Panel explores myths and truths about charter schools

Charter school discussion held in Montgomery

MONTGOMERY, Ala. (WSFA) - On Monday, parents, business leaders, and community members came together to have a conversation about charter schools.

The panel discussion was organized by the Chamber of Commerce to explore the myths and truths about charter schools. It was a timely discussion with Montgomery’s first charter school set to open this fall. LEAD Academy is preparing to welcome students Aug. 19 for the 2019-2020 school year.

"Right now our city needs choices,” said Dr. Lori White, LEAD Academy board member.

White, a LEAD academy board member, along with four others with vested interests and information in education made up the panel discussing charter schools. The event drew a large crowd to the The Montgomery Chamber Business Resource Center. Joyce Hudson says with a granddaughter currently enrolled in Montgomery Public School she’s eager to learn about this option.

"She is going to the second grade. We want to make sure she does well starting with the basics and going through,” said resident Joyce Hudson.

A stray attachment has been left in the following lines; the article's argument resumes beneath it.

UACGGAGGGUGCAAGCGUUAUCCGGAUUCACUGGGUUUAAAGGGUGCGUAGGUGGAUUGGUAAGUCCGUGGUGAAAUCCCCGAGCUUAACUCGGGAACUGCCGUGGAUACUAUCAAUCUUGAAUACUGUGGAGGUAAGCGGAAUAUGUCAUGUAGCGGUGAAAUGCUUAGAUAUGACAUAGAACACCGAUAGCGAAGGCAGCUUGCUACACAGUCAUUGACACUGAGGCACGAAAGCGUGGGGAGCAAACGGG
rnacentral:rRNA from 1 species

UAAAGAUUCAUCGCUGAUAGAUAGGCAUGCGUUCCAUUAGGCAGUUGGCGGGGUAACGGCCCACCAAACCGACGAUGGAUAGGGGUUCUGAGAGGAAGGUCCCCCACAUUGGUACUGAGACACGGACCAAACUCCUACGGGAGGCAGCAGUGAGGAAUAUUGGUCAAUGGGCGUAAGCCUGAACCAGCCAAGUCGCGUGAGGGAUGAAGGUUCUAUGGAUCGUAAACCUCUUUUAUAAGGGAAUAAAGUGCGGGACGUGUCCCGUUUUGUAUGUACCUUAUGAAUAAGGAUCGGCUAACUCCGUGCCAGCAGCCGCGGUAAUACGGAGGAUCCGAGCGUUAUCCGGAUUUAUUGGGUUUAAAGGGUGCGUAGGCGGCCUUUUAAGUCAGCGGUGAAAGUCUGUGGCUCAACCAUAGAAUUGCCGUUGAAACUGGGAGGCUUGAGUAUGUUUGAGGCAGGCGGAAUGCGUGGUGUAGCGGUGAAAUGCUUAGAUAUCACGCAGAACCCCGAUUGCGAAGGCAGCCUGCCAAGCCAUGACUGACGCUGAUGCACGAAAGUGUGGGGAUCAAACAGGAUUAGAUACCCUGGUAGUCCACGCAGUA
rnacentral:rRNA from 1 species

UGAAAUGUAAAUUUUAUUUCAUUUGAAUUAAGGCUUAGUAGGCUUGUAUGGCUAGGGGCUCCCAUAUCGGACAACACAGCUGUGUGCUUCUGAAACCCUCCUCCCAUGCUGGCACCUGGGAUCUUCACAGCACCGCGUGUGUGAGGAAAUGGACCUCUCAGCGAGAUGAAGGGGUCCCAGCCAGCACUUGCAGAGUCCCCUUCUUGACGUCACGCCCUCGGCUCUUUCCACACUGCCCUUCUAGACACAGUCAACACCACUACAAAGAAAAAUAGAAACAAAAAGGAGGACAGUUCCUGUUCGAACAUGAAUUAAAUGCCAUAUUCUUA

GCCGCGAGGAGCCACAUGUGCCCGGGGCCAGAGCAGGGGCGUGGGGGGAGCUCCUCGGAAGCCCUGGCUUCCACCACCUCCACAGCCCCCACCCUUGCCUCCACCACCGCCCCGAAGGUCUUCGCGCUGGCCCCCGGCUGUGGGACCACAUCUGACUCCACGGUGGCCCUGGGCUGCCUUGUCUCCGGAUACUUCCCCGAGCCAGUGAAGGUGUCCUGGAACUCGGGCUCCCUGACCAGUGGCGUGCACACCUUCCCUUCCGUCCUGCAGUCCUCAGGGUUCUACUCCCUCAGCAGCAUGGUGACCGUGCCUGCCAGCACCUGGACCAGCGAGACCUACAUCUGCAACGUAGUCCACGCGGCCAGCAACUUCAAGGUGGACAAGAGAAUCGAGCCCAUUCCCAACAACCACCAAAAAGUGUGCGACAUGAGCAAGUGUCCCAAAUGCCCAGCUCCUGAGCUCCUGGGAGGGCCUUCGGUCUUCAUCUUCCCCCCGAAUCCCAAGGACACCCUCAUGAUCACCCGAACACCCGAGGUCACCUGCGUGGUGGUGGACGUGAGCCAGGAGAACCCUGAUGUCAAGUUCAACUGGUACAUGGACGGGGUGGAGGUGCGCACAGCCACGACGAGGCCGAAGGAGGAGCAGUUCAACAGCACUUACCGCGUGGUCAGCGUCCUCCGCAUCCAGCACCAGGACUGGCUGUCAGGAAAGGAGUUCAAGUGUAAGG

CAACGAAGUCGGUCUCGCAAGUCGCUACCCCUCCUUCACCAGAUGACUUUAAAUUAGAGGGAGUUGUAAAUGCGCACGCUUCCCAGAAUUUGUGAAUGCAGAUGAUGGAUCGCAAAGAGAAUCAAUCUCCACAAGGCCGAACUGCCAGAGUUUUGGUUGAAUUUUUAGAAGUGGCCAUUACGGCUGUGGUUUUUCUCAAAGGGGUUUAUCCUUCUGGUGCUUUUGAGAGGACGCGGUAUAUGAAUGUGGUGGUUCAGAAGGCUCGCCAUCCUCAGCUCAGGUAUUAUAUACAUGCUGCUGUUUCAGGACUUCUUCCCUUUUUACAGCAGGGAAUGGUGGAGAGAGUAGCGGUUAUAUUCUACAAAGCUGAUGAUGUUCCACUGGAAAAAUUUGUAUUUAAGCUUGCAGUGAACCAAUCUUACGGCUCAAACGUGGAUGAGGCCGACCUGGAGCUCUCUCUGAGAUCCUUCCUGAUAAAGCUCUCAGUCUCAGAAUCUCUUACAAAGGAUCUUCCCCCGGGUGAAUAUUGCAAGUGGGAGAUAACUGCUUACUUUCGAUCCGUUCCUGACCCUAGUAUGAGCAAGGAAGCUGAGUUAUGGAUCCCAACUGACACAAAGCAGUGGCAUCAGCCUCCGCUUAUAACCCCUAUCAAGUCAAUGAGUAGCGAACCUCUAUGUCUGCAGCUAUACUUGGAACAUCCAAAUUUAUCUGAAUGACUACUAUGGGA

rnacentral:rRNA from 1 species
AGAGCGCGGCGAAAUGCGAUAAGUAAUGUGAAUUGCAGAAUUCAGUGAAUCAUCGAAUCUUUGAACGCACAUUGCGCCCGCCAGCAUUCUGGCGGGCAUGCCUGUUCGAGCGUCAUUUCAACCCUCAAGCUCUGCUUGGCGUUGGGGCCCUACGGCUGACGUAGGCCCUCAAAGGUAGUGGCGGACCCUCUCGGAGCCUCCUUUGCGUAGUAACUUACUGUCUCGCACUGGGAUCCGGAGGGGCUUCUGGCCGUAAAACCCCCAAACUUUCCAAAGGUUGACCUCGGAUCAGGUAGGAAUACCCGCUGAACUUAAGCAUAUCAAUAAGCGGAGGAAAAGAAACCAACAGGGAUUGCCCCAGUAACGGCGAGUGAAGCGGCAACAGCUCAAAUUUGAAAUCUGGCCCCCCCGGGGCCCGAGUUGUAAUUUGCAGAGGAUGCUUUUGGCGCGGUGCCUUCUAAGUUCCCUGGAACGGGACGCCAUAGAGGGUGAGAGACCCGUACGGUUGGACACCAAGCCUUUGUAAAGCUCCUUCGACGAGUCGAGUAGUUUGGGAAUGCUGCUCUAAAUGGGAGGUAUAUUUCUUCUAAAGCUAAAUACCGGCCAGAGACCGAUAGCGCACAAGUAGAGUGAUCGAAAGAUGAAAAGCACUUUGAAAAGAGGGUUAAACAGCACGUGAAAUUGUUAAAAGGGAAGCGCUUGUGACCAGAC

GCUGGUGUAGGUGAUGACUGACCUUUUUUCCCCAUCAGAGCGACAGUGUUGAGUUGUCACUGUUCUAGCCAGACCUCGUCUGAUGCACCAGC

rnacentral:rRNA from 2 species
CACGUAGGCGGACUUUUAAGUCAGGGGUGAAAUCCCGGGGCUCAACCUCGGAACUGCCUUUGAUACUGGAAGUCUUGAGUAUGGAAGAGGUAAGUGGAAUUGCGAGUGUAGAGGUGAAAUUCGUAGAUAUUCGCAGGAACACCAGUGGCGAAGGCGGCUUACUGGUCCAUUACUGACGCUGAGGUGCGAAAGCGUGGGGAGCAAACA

As a retired educator she believes getting a better understanding of charter schools and how they work is key.

"My biggest question was about the curriculum. You know is it going to be differentiated,” said Hudson.

Thomas Raines with A+ Education Partnership, the facilitator for this event, says having conversations like this break down some misconceptions people may have.

“Charter schools are public schools, they are just independently run," said Raines. “Charter Schools are one more tool in the tool box to help improve education.”

For some, learning more has given them a fresh perspective to what this change could mean for the future.

"We should embrace it and take advantage of the opportunity,” said Samuel Whalum Jr.

“Education is a public good. The students will be the doctors, lawyers, mechanics, engineers, and teachers,” said Brandon Russell.

Dr. Lori White said during the panel discussion that LEAD Academy received 800 student applications and had to hold a lottery to fill the 360 spots they will have for the upcoming school year. Lead Academy will serve grade K through 5th the first year and will work to expand grades there after.

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